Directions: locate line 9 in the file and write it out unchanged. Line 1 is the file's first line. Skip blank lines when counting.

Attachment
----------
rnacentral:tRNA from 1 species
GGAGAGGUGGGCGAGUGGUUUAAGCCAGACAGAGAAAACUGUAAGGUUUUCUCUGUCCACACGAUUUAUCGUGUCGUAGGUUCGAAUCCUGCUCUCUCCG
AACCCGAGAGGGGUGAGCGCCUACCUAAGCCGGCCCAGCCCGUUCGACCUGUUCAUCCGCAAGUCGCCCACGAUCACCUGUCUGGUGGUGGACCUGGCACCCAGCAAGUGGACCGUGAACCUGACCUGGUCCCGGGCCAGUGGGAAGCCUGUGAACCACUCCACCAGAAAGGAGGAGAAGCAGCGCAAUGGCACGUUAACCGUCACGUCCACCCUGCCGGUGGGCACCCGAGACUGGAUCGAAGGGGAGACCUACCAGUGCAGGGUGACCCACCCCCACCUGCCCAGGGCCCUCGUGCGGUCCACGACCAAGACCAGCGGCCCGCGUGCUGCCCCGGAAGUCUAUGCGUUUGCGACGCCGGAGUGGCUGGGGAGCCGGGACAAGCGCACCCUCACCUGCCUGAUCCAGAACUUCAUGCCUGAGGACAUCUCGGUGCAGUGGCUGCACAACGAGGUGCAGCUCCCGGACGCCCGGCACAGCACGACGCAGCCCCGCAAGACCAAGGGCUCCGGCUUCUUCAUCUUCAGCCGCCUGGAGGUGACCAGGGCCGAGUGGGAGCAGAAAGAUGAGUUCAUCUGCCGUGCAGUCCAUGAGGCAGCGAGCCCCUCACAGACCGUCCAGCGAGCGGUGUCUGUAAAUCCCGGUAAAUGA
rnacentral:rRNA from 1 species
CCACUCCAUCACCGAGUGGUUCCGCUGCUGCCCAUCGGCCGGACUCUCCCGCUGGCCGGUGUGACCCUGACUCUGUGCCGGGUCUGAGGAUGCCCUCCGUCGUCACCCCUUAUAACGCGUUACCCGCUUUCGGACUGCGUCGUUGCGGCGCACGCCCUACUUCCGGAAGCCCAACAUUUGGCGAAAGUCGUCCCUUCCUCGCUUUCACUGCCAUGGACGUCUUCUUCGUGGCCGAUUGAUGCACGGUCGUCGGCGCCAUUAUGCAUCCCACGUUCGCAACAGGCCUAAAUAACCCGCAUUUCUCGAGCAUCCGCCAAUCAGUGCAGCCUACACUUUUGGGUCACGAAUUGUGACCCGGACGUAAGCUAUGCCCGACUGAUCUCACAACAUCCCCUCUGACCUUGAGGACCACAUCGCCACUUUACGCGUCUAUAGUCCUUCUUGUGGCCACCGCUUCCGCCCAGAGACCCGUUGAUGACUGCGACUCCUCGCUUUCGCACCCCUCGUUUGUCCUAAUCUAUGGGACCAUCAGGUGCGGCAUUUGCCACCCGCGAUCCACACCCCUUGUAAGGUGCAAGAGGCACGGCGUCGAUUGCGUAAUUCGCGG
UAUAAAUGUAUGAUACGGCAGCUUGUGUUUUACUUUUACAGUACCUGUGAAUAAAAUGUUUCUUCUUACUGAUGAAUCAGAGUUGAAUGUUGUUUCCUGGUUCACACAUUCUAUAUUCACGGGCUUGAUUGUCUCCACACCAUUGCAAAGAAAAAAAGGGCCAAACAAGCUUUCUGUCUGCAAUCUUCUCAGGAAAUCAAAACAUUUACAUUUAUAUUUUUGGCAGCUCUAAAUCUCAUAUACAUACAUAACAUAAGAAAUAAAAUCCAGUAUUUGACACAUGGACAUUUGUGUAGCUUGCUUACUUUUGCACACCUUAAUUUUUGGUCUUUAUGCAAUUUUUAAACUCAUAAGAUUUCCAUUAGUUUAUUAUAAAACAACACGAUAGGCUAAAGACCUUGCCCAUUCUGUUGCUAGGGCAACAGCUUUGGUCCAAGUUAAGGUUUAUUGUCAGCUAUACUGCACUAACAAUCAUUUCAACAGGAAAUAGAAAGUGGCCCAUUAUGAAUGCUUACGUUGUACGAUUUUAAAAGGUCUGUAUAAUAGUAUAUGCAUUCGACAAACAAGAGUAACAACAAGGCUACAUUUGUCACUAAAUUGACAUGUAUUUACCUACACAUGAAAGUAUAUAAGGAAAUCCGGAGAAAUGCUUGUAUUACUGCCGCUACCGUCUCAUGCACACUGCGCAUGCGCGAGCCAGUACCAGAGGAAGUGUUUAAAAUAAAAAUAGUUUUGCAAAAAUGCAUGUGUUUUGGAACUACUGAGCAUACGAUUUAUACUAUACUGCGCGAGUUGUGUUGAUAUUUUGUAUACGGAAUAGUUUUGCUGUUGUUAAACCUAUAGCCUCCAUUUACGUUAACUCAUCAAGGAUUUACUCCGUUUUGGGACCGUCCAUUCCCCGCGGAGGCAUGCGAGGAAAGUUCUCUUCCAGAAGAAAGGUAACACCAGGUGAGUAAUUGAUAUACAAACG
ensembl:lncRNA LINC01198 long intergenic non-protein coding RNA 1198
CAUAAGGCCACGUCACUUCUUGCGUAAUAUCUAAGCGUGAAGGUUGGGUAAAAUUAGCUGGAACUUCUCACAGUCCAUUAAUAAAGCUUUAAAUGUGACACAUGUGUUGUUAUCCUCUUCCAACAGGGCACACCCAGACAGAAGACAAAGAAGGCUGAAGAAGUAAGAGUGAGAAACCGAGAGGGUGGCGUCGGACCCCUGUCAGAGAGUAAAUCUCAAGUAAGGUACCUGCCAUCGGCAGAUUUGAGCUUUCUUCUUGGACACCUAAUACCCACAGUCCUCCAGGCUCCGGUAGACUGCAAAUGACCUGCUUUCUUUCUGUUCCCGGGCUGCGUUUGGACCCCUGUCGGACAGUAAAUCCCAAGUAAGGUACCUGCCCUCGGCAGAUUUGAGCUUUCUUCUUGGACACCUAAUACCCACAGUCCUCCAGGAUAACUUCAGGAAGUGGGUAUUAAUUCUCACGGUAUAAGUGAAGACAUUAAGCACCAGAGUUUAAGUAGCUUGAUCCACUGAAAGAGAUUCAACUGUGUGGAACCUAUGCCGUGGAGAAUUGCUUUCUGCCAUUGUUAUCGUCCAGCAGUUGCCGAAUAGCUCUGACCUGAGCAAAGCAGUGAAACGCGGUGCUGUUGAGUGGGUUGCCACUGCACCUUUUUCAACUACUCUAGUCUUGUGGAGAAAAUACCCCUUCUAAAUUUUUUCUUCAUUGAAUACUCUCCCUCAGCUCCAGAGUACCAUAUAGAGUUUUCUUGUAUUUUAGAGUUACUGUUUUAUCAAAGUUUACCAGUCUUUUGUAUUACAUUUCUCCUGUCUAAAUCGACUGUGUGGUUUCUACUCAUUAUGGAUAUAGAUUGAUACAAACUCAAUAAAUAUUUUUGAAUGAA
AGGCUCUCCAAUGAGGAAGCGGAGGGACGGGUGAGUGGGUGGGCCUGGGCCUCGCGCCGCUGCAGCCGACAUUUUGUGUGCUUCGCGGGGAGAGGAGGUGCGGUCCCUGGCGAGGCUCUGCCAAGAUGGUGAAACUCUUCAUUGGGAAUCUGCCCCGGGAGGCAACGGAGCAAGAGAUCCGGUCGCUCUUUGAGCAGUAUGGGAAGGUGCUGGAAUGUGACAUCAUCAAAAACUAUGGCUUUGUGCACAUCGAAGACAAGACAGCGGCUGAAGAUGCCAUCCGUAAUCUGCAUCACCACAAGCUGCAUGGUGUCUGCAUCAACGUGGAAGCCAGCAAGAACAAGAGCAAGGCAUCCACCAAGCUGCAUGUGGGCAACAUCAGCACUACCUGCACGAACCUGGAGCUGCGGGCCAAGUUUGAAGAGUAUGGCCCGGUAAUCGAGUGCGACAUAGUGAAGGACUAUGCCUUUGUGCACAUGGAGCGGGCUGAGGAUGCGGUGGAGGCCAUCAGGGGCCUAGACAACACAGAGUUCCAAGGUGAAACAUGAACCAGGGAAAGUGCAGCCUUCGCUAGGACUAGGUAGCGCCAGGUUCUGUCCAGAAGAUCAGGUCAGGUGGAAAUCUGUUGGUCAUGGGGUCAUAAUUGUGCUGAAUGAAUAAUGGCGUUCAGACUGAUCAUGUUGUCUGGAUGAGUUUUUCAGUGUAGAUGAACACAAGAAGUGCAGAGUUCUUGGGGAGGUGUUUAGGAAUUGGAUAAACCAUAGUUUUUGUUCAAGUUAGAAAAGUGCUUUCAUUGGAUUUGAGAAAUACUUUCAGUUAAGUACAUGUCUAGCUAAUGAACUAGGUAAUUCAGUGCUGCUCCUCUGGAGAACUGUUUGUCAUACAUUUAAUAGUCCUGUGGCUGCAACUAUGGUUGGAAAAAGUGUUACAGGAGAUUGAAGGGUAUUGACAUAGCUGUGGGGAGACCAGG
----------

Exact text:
AGGCUCUCCAAUGAGGAAGCGGAGGGACGGGUGAGUGGGUGGGCCUGGGCCUCGCGCCGCUGCAGCCGACAUUUUGUGUGCUUCGCGGGGAGAGGAGGUGCGGUCCCUGGCGAGGCUCUGCCAAGAUGGUGAAACUCUUCAUUGGGAAUCUGCCCCGGGAGGCAACGGAGCAAGAGAUCCGGUCGCUCUUUGAGCAGUAUGGGAAGGUGCUGGAAUGUGACAUCAUCAAAAACUAUGGCUUUGUGCACAUCGAAGACAAGACAGCGGCUGAAGAUGCCAUCCGUAAUCUGCAUCACCACAAGCUGCAUGGUGUCUGCAUCAACGUGGAAGCCAGCAAGAACAAGAGCAAGGCAUCCACCAAGCUGCAUGUGGGCAACAUCAGCACUACCUGCACGAACCUGGAGCUGCGGGCCAAGUUUGAAGAGUAUGGCCCGGUAAUCGAGUGCGACAUAGUGAAGGACUAUGCCUUUGUGCACAUGGAGCGGGCUGAGGAUGCGGUGGAGGCCAUCAGGGGCCUAGACAACACAGAGUUCCAAGGUGAAACAUGAACCAGGGAAAGUGCAGCCUUCGCUAGGACUAGGUAGCGCCAGGUUCUGUCCAGAAGAUCAGGUCAGGUGGAAAUCUGUUGGUCAUGGGGUCAUAAUUGUGCUGAAUGAAUAAUGGCGUUCAGACUGAUCAUGUUGUCUGGAUGAGUUUUUCAGUGUAGAUGAACACAAGAAGUGCAGAGUUCUUGGGGAGGUGUUUAGGAAUUGGAUAAACCAUAGUUUUUGUUCAAGUUAGAAAAGUGCUUUCAUUGGAUUUGAGAAAUACUUUCAGUUAAGUACAUGUCUAGCUAAUGAACUAGGUAAUUCAGUGCUGCUCCUCUGGAGAACUGUUUGUCAUACAUUUAAUAGUCCUGUGGCUGCAACUAUGGUUGGAAAAAGUGUUACAGGAGAUUGAAGGGUAUUGACAUAGCUGUGGGGAGACCAGG